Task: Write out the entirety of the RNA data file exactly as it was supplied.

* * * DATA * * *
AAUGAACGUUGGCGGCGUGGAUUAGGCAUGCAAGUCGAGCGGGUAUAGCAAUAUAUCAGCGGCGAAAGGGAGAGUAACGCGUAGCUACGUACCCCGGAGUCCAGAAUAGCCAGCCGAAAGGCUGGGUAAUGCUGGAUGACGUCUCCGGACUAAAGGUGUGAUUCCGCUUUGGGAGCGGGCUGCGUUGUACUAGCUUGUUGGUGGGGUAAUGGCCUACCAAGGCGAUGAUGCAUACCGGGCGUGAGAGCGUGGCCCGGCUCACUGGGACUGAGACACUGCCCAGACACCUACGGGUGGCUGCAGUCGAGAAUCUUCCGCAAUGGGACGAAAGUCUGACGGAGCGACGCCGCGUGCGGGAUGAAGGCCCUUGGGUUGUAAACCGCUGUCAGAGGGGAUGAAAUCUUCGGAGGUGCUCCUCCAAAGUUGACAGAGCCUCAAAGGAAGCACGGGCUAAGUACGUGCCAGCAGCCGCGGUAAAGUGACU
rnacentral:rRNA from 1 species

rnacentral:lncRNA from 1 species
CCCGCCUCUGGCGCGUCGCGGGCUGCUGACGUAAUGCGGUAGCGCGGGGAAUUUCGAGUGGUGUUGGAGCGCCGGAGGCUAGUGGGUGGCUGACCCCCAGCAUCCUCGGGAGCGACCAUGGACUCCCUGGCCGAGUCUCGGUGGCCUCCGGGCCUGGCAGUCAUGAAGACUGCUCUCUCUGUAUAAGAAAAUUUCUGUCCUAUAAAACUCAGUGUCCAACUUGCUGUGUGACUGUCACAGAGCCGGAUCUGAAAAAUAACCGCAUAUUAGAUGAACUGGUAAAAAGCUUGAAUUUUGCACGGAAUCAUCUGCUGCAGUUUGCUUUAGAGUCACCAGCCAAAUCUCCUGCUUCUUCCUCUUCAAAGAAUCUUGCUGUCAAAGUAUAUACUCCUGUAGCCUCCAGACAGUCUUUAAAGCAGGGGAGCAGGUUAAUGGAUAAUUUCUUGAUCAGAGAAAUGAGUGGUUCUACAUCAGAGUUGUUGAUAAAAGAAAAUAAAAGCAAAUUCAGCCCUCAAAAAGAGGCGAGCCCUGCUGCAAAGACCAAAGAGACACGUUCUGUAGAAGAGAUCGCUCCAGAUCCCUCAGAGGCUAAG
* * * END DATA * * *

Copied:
AAUGAACGUUGGCGGCGUGGAUUAGGCAUGCAAGUCGAGCGGGUAUAGCAAUAUAUCAGCGGCGAAAGGGAGAGUAACGCGUAGCUACGUACCCCGGAGUCCAGAAUAGCCAGCCGAAAGGCUGGGUAAUGCUGGAUGACGUCUCCGGACUAAAGGUGUGAUUCCGCUUUGGGAGCGGGCUGCGUUGUACUAGCUUGUUGGUGGGGUAAUGGCCUACCAAGGCGAUGAUGCAUACCGGGCGUGAGAGCGUGGCCCGGCUCACUGGGACUGAGACACUGCCCAGACACCUACGGGUGGCUGCAGUCGAGAAUCUUCCGCAAUGGGACGAAAGUCUGACGGAGCGACGCCGCGUGCGGGAUGAAGGCCCUUGGGUUGUAAACCGCUGUCAGAGGGGAUGAAAUCUUCGGAGGUGCUCCUCCAAAGUUGACAGAGCCUCAAAGGAAGCACGGGCUAAGUACGUGCCAGCAGCCGCGGUAAAGUGACU
rnacentral:rRNA from 1 species

rnacentral:lncRNA from 1 species
CCCGCCUCUGGCGCGUCGCGGGCUGCUGACGUAAUGCGGUAGCGCGGGGAAUUUCGAGUGGUGUUGGAGCGCCGGAGGCUAGUGGGUGGCUGACCCCCAGCAUCCUCGGGAGCGACCAUGGACUCCCUGGCCGAGUCUCGGUGGCCUCCGGGCCUGGCAGUCAUGAAGACUGCUCUCUCUGUAUAAGAAAAUUUCUGUCCUAUAAAACUCAGUGUCCAACUUGCUGUGUGACUGUCACAGAGCCGGAUCUGAAAAAUAACCGCAUAUUAGAUGAACUGGUAAAAAGCUUGAAUUUUGCACGGAAUCAUCUGCUGCAGUUUGCUUUAGAGUCACCAGCCAAAUCUCCUGCUUCUUCCUCUUCAAAGAAUCUUGCUGUCAAAGUAUAUACUCCUGUAGCCUCCAGACAGUCUUUAAAGCAGGGGAGCAGGUUAAUGGAUAAUUUCUUGAUCAGAGAAAUGAGUGGUUCUACAUCAGAGUUGUUGAUAAAAGAAAAUAAAAGCAAAUUCAGCCCUCAAAAAGAGGCGAGCCCUGCUGCAAAGACCAAAGAGACACGUUCUGUAGAAGAGAUCGCUCCAGAUCCCUCAGAGGCUAAG